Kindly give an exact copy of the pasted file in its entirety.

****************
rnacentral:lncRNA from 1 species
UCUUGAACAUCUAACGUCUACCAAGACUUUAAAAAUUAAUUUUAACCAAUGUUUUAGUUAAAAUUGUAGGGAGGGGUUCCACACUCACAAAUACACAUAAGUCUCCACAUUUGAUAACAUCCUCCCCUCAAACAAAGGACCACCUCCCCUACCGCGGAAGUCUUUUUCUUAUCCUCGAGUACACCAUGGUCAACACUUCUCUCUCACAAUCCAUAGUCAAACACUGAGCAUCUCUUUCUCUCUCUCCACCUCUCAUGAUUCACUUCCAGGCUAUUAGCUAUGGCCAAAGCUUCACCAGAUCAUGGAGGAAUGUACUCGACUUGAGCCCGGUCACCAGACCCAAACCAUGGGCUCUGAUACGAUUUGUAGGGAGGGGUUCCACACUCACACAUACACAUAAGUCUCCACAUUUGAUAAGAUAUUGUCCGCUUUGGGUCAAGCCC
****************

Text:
rnacentral:lncRNA from 1 species
UCUUGAACAUCUAACGUCUACCAAGACUUUAAAAAUUAAUUUUAACCAAUGUUUUAGUUAAAAUUGUAGGGAGGGGUUCCACACUCACAAAUACACAUAAGUCUCCACAUUUGAUAACAUCCUCCCCUCAAACAAAGGACCACCUCCCCUACCGCGGAAGUCUUUUUCUUAUCCUCGAGUACACCAUGGUCAACACUUCUCUCUCACAAUCCAUAGUCAAACACUGAGCAUCUCUUUCUCUCUCUCCACCUCUCAUGAUUCACUUCCAGGCUAUUAGCUAUGGCCAAAGCUUCACCAGAUCAUGGAGGAAUGUACUCGACUUGAGCCCGGUCACCAGACCCAAACCAUGGGCUCUGAUACGAUUUGUAGGGAGGGGUUCCACACUCACACAUACACAUAAGUCUCCACAUUUGAUAAGAUAUUGUCCGCUUUGGGUCAAGCCC